UTILITY companies digging up Oxford’s roads could be fined £10,000 per day if they overrun, according to a strict new permit scheme.

The restriction is part of a new county council initiative to protect drivers, cyclists, pedestrians and businesses from over-running and clashing roadworks.

The new system, officially launched this month, means anyone wanting to carry out roadworks now has to apply to the county council for a permit.

Oxford Mail:

Highways managers believe that the new scheme could result in almost 9,000 fewer days-worth of roadworks every year in Oxfordshire, better quality of completed work, better coordination and management – all adding up to less hassle for the travelling public.

READ AGAIN: Police officer stopped 'madman' from hijacking ambulance

Permits have to be paid for and carry strict conditions and penalties for any work that takes too long or is not of satisfactory quality when completed.

Oxford Mail:

County councillor Liam Walker, cabinet member for highway delivery, said: “Roadworks are one of the most complained about subjects and now we have the powers to do something to help.

READ MORE: Disruptive Botley Road gas works

"What we want to see are works that are done as quickly as possible, to the highest standard and with the least amount of inconvenience. The new permits mean that companies will have to agree to conditions and we are now able to enforce them.

“People also want to see more companies working together so that the same area isn’t dug up repeatedly – we want to see this too and, through permitting, we want to see more cooperation.”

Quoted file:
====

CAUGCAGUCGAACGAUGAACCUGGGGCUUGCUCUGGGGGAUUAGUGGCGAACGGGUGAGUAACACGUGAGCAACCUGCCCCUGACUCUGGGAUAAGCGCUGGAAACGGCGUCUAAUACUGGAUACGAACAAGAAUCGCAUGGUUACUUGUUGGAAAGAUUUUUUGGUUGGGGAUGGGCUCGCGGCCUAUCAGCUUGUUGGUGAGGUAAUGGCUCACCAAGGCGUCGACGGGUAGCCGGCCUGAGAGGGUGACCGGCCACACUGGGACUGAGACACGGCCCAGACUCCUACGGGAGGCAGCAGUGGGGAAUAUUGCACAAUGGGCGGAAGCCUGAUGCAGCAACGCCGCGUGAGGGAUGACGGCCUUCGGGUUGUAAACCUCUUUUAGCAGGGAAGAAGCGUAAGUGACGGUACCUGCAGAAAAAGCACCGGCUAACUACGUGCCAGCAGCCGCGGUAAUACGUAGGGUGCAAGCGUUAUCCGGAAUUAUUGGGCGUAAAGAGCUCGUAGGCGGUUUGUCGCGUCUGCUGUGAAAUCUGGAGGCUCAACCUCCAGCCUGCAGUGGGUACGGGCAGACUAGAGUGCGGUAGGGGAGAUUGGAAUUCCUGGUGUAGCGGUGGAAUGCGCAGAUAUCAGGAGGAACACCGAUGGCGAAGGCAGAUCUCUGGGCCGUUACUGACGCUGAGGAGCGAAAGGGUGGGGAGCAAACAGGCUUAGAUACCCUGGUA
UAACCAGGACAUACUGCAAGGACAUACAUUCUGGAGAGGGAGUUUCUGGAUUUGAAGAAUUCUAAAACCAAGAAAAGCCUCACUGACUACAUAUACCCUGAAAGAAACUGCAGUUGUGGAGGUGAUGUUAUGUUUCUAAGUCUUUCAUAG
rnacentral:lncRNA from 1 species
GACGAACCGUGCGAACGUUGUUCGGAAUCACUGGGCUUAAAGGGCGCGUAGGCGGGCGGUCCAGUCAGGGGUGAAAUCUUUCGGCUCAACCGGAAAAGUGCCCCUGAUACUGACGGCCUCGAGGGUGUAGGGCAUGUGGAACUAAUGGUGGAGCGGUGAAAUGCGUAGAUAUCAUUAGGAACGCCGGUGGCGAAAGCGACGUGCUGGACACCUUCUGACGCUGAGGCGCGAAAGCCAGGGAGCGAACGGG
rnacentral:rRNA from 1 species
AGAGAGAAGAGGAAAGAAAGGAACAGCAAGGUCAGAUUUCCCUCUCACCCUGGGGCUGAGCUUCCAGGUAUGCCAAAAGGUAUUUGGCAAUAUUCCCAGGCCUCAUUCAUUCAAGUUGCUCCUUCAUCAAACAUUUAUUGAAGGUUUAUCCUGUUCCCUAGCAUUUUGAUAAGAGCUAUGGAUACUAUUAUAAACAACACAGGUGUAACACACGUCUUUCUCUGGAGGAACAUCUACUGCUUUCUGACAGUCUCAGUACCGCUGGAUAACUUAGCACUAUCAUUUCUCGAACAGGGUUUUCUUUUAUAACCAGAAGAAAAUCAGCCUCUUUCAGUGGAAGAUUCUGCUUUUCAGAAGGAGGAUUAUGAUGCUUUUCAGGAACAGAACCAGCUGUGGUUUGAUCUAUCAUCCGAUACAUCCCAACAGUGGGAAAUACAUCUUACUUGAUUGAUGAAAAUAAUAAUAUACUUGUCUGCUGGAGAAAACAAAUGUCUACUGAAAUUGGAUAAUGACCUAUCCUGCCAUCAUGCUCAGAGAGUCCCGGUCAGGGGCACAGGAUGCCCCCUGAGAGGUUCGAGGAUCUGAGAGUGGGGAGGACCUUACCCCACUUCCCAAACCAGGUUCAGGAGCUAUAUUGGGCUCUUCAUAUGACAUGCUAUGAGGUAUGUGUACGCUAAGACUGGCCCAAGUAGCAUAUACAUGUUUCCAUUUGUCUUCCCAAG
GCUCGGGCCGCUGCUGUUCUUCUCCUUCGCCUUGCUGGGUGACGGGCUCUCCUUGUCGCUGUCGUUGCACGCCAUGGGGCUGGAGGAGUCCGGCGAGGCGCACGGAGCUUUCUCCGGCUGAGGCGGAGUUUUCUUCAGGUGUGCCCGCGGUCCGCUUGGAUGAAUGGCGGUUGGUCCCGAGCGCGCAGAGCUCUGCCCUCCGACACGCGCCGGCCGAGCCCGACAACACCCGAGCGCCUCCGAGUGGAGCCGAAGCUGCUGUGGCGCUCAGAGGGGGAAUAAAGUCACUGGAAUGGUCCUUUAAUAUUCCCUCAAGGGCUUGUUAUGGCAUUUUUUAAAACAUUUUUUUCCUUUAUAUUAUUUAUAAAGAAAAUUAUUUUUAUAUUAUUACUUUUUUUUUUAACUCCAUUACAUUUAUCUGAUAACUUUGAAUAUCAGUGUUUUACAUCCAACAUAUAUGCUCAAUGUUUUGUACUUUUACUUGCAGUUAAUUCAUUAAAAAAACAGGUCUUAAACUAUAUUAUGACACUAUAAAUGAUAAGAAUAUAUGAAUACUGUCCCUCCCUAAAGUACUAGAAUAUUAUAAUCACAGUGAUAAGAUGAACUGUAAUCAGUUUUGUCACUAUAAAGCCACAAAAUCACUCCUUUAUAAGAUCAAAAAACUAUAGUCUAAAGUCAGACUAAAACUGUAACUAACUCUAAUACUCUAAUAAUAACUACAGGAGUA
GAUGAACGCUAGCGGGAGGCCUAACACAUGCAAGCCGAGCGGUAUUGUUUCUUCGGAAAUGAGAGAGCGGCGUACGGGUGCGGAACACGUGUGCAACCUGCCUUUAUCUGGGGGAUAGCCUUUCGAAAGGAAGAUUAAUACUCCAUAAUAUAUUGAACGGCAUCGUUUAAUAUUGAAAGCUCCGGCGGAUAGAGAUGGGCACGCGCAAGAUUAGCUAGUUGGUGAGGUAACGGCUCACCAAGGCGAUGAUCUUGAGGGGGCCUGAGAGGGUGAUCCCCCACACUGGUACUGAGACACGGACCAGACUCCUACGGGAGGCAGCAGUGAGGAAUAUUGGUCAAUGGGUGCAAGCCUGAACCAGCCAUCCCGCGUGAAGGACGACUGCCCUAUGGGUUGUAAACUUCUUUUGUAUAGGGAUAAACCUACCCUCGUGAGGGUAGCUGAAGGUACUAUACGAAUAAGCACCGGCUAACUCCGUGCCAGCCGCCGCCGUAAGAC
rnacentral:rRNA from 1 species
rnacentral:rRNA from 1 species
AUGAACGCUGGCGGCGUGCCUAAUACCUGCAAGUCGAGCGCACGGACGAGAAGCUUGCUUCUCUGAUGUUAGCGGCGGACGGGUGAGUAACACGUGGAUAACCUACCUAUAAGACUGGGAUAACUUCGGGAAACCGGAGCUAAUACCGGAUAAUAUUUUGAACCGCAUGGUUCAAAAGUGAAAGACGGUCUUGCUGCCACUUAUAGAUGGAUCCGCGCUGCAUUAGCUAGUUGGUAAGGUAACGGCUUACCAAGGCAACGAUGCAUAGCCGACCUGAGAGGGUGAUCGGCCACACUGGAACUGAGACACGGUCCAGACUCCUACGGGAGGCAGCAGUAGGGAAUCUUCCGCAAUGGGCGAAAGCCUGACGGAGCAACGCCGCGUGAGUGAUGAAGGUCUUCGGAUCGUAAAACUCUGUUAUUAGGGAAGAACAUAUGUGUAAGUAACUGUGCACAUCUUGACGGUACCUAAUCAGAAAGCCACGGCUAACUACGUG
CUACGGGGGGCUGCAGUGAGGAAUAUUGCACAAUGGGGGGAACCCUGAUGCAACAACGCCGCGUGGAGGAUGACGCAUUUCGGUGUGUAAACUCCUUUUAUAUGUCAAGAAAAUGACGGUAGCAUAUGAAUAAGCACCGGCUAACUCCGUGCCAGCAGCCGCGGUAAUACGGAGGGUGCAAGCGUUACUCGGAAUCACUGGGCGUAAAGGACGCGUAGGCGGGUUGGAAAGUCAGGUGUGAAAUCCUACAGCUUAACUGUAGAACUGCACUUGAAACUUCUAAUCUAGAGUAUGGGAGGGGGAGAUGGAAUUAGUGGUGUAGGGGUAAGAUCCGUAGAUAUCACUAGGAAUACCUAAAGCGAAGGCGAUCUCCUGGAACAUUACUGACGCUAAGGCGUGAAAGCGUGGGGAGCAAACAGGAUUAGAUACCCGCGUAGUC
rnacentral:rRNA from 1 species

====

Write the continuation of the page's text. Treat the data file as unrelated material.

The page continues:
Oxford Mail:

Work for gas, water and electricity companies will be covered by the permit scheme and resurfacing work.

Council officers will be able to decide in some cases when work can take place and insist that if two companies want to work in the same or nearby location that there is cooperation.

READ AGAIN: Cruel puppy and kitten farms will be banned in April

While the permit scheme can’t guarantee every set of roadworks runs perfectly, the feedback from a ‘soft-launch’ of the scheme from mid-January has already seen 2,000 permit applications, challenges from the council to the duration of over 30 applications, leading to a reduction in time, and requests from the council for collaborative working on over 20 applications.

The permit scheme is designed to be self-financing with charges set so that running costs are covered.

Oxford Mail:

The cost of permits depends on the location and duration of works and can vary between £32 and £240.

READ MORE: Arsonist on the run from prison

When it comes to penalties, starting work without a permit can lead to prosecution or fixed penalty notice of £500.

A breach of permit conditions can lead to potential prosecution or a fixed penalty notice charge of £120.

Work overrunning without a valid extension can lead to potential prosecution or a fixed penalty notice charge, ranging from £250 to £10,000 per day, depending on the road category.